Sudbury's Belle Vue Park plans for retirement flats development and new entrance recommended for approval
A pair of major developments shaping the future of Sudbury’s main public park are expected to receive the green light next week.
Plans for a new entrance to Belle Vue Park, off the junction of Cornard Road and Newton Road, has been recommended for approval by Babergh’s planning officers, ahead of the district council committee on Wednesday morning.
The committee will also consider an application to build 41 flats on the park’s disused former swimming pool site, and convert Belle Vue House into two homes, which has similar received an approval recommendation.
The two schemes are closely linked, as the entrance is set to be funded by the proceeds from the sale of land to Churchill Retirement Living, the developer behind the flats development.
Both schemes have proved contentious within the town, with a community petition against the retirement living apartments garnering more than 1,000 signatures.
Sudbury Town Council also expressed its opposition to both application, objecting to the location of the new entrance and highlighting safety concerns about the accompanying pedestrian crossing, due to its proximity to a busy junction.
The town council also described the flats proposal as an over-development that would represent a loss of public open space.
However, in a report prepared for Babergh’s planning committee meeting, case officer Bradly Heffer said they regarded the site as brownfield land.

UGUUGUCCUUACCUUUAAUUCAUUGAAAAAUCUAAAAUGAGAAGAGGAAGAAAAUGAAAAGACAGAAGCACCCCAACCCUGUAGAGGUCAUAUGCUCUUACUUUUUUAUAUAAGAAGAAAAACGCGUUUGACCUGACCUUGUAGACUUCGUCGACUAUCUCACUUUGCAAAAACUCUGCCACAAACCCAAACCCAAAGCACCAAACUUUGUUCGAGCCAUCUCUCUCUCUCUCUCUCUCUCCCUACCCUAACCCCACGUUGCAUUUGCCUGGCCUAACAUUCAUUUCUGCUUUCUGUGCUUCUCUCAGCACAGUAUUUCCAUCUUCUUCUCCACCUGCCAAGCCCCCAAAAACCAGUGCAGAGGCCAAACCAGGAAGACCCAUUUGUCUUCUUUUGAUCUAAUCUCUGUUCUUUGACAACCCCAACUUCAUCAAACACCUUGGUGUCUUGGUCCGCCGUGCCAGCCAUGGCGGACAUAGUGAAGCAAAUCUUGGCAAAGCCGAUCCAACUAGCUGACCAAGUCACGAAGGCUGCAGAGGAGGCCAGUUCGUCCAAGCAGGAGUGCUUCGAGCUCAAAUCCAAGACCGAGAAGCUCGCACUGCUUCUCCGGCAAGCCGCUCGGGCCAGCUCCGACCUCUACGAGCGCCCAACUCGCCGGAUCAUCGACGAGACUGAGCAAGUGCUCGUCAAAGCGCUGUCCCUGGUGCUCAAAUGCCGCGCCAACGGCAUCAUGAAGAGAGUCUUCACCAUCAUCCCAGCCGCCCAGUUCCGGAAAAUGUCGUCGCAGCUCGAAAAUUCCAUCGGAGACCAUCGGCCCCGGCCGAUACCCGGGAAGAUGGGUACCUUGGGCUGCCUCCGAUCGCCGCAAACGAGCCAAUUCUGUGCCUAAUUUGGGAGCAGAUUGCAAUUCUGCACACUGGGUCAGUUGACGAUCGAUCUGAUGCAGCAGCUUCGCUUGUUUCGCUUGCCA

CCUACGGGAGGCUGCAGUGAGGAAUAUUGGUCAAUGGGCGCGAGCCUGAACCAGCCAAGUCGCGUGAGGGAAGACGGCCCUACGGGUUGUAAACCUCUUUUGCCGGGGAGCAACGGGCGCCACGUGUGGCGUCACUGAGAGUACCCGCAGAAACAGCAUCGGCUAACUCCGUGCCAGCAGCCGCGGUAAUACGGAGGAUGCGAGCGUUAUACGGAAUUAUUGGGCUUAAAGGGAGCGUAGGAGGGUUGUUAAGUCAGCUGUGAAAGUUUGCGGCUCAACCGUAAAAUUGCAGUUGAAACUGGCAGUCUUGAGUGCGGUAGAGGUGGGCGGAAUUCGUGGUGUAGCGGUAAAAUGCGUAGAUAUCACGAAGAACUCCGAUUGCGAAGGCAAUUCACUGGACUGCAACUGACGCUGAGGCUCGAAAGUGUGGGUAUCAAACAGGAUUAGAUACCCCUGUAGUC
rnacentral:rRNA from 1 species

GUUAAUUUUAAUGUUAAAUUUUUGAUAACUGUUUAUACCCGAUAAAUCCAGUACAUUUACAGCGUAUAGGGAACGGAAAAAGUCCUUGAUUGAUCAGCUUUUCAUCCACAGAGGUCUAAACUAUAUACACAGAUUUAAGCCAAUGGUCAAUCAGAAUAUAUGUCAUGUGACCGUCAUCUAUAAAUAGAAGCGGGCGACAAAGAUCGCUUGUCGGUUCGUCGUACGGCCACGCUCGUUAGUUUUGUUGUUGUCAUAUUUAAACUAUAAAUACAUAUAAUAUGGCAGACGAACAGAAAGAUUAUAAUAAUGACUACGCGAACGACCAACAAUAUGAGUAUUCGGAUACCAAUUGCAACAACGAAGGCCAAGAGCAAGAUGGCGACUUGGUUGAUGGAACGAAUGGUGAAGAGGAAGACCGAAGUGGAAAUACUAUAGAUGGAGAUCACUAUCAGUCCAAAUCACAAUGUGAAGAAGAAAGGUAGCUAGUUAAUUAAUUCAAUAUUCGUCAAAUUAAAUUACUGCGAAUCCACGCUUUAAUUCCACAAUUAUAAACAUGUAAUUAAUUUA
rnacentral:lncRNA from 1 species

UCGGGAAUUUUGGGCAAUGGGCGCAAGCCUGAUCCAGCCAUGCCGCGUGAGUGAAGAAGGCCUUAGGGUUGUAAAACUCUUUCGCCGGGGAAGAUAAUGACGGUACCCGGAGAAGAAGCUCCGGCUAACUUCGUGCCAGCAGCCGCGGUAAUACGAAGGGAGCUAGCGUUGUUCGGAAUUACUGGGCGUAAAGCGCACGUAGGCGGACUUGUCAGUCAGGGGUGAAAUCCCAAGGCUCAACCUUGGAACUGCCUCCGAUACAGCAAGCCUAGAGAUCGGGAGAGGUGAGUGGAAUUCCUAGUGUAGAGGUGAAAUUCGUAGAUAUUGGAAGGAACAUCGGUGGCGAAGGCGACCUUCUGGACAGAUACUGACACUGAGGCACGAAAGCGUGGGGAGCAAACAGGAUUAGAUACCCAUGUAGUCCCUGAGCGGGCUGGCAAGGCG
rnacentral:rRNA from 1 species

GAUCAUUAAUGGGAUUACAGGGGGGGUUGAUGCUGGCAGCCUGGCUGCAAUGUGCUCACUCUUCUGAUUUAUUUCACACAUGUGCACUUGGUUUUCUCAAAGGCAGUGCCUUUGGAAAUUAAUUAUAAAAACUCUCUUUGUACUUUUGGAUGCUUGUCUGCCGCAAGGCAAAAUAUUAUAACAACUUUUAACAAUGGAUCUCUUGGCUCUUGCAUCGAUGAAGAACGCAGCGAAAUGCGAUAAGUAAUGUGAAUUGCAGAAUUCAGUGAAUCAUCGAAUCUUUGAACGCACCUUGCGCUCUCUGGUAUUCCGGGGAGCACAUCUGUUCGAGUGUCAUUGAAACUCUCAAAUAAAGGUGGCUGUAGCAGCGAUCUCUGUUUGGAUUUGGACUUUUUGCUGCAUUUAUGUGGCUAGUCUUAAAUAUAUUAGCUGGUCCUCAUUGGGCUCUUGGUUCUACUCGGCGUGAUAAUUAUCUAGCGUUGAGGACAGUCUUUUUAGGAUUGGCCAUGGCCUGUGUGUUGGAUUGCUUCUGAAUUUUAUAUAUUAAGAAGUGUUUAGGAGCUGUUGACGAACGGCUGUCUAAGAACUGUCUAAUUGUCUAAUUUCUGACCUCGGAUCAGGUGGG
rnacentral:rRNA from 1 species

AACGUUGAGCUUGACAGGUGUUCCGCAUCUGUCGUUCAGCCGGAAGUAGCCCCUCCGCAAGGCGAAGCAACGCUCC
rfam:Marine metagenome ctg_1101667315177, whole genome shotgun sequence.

The report also indicated that Suffolk Highways had not raised safety issues in relation to either application, while concerns about heritage impacts were deemed to have been suitably addressed.
“The council embraces its statutory duties to the historic environment and considerable importance has been attached to the harm to designated heritage assets, with a balanced approach taken to the non-designated asset of Belle Vue House,” said Mr Heffer.
“Nevertheless, the benefits of the development are determined to outweigh those identified harms.
“Furthermore, the benefits of the development – including the major provision of accommodation for older persons – are considered to be particularly weighty such that they decisively outweigh all identified adverse impacts, including to built heritage and the minor loss of parkland.”
On the new entrance, he added: “The location of the entrance in the position shown would create a new focal point for the entrance to the park, within the street.
“In addition, the new entrance would be visible when approached from the west along King Street, notwithstanding that its proposed location would not directly face the street.”
Both applications will be determined by Babergh District Council’s planning committee at Wherstead Park in Ipswich next Wednesday, beginning at 9.30am.